Nested Doorways in Pueblo Bonito
Flowering Cactus Among the Ruins
Courtyards of Pueblo Bonito
|Pueblo Bonito Ancient Ruins|
The ancient ruins of Chaco Culture Historical Park are located in Northwestern New Mexico, southeast of Farmington. The park is immediately adjacent to Bisti Wilderness Area, but access roads to the two areas are quite distant from each other. The park is one of only a limited number of sites in the world which have been designated as a World Heritage Site. Accessibility to the park is good, if you are willing to overlook the highly washboarded condition of the last four miles of gravel road leading into the park. Although there are several separate ruins in the park, the largest of these is called Pueblo Bonito. That is where I spent the majority of my visit to the park.
Nested Doorways in Pueblo Bonito
Egg Factory- Bisti Wilderness
Bisti Wilderness Area is located Southeast of Farmington, New Mexico on land administered by the Bureau of Land Management. It is mostly undeveloped, devoid of trails or footpaths. On the day of my visit, I was lucky that the temperature was relatively mild, despite the partly sunny skies. The area known as the Egg Factory, shown above, represented the farthest extent of my hike into this wilderness. I'm guessing that I hiked somewhere between five and ten miles round trip to find this area.
Since the landscape in this spot seemed to be nearly monochromatic, I decided to process this image as a black and white. I guess time will tell whether or not I will continue that approach.
Sandstone Sculptures- Bisti Wilderness
Hoodoos- Bisti Wilderness
Sunset- Navajo Point
Sunrise- Yavapai Point
Sunrise- Mather Point
On my final morning in the park, I decided to give Mather Point a try. I have not yet decided which, if any, of these images to print for display. Perhaps over time I can decide. Or maybe the opinions of friends will help me decide.
Sunset at Lower Geyser Basin
Although I had been to Yellowstone several times previously, I had never spent the night inside the park before, so my access to early morning and late evening light had been limited by the logistics and size of the park. Therefore, I resolved to camp inside the park during a recent visit. While I normally consider early October to be the prime time for photography there, during my recent visit I planned to sleep in the back of my pickup in an unheated camper shell in the Madison Campground, and I was concerned about my tolerance for cold October nights. Therefore, I decided to make my trip during the last week of August.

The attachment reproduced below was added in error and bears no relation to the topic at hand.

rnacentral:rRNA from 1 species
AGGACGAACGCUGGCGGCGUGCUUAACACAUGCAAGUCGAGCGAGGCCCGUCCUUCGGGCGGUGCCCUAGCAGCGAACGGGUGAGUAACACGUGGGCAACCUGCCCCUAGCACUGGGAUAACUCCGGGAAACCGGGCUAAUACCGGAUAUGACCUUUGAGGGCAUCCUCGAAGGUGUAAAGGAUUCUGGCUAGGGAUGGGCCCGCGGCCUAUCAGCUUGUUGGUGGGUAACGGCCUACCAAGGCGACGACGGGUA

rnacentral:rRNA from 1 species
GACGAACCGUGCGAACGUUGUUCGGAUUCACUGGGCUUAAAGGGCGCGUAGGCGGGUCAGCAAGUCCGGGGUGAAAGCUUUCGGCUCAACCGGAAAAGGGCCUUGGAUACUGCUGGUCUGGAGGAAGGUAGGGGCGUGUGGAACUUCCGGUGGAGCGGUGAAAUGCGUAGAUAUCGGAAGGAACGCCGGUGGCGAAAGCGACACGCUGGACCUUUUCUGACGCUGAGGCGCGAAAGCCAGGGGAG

Before my trip, I had admired some images by others of steam from geysers and thermal features backlit by the sun. I decided to try to include similar subjects in my photos during this trip.
Clepsydra Geyser near Sunset
Clepsydra Geyser is a predictable subject for sunset images because it erupts almost continuously. All images on this trip were made with a Canon 5D2, typically using a 24-105 L lens.
Grotto Geyser- Upper Geyser Basin
My first full morning in the park, I decided to head to Upper Geyser Basin. The hike to Morning Glory Pool is a little over a mile, via one's choice of either boardwalk or paved walkway.
Morning Glory Pool- Upper Geyser Basin
Lower Yellowstone Falls from North Rim
Another morning, I drove to the Canyon area of the park to photograph the falls. Copious volumes of mist were coming from the base of the lower falls in the cool morning air.
Evening Light and Shadows from Mather Point
Clouds at Sunset
I would wager my usual limit of a nickel that there was some spot on the South Rim that had a better view of these clouds that evening than the spot where I was. But, luck plays a role in a lot of things, landscape photography included. And only being present on one evening does not provide the best of odds at getting a memorable shot. Guess I will have to return another time!
View from Hermit's Rest
Yucca Plant at Hermit's Rest
|Colorado River from South Rim|
Most overlooks on the South Rim do not show much of the Colorado River. However, this view shows the river winding its way into the canyon from one of the points on the East side of the South Rim, perhaps either Navajo Point or Desert View Point.